Renewable and Nuclear Energy Integration to Support Responsible Growth in Developing Countries
Renewable and nuclear energy – the two largest sources of non-emitting technologies – do not need to be mutually exclusive if forward-thinking countries and companies can develop suitable complementary advanced energy management techniques. New hybrid energy solutions could play to the strengths of the respective technologies while acknowledging the shifting dynamics of electricity markets that are adjusting to the realities of an increase in intermittent generation models. And with developing countries frequently having more flexibility to design their grid structures (in comparison to pre-existing limitations in many first-world countries), the opportunities may exist to demonstrate these advances in emerging economies.
Developing countries (especially in Africa and Asia) expecting energy sector growth in the next 30 years can strategically use this growing demand to support their projected huge economic expansion, social welfare improvements, and energy security while contributing to global carbon emission reductions. One of the key success factors to consider should be how to best leverage nuclear energy. With an integrated strategy encompassing renewable and nuclear energy, countries can address numerous key challenges which may be common or more country specific. A well-conceived plan can simultaneously support socio-economic development and long-term energy security.
It is now widely acknowledged that human activity is leading to an environmental global warming crisis. This has contributed to a widespread, aggressive push towards non-emitting power generation options due to the environmental damage caused by fossil fuel emission by-products. Countries all over the world are embracing renewable energies (solar, wind, hydro, biomass, tidal, etc.) including nuclear power, the largest current non-emitting generation source. In the meantime, natural gas has been adopted as a short- and medium-term lower emissions alternative to coal and oil generation.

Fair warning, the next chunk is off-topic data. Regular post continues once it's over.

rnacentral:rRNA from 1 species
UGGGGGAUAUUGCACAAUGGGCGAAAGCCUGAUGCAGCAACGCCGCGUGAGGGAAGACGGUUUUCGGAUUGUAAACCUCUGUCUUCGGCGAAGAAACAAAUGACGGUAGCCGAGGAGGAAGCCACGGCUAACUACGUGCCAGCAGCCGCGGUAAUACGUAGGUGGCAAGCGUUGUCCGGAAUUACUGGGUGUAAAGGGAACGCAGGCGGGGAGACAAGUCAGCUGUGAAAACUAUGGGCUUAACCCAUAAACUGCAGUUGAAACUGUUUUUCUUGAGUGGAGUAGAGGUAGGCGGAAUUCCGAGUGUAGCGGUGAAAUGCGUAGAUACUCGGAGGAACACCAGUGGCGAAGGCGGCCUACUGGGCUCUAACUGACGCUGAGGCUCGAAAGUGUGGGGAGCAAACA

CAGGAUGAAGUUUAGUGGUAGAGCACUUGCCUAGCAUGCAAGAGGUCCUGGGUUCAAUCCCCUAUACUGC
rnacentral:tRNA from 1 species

While developed countries already have well-established electricity transmission, distribution, and generation systems, developing countries without extensive existing infrastructure have the advantage of greater flexibility and expansion, both now and in the future due to their relatively small systems. Because they do not have as many existing infrastructure constraints, they have more freedom to customize and responsibly develop their electrification program, balancing very low emitting and non-emitting generation that may work best for their national interests and increasing demand requirements. So far, contributions to carbon emissions has been around 2% on average annually with a potential increase to almost 5% in 30 years, according to the International Energy Agency (IEA).
Both developed and developing countries understand the global necessity for environmental considerations, which is a driving force behind the expansion of non-emitting generation. The primary larger scale options currently include wind, solar, hydro, and nuclear; all are relatively established technologically, however nuclear requires the largest support infrastructure based on its higher complexity but that also creates an opportunity for deeper longer-term socio-economic benefits.
Country Groupings for Generation Expansion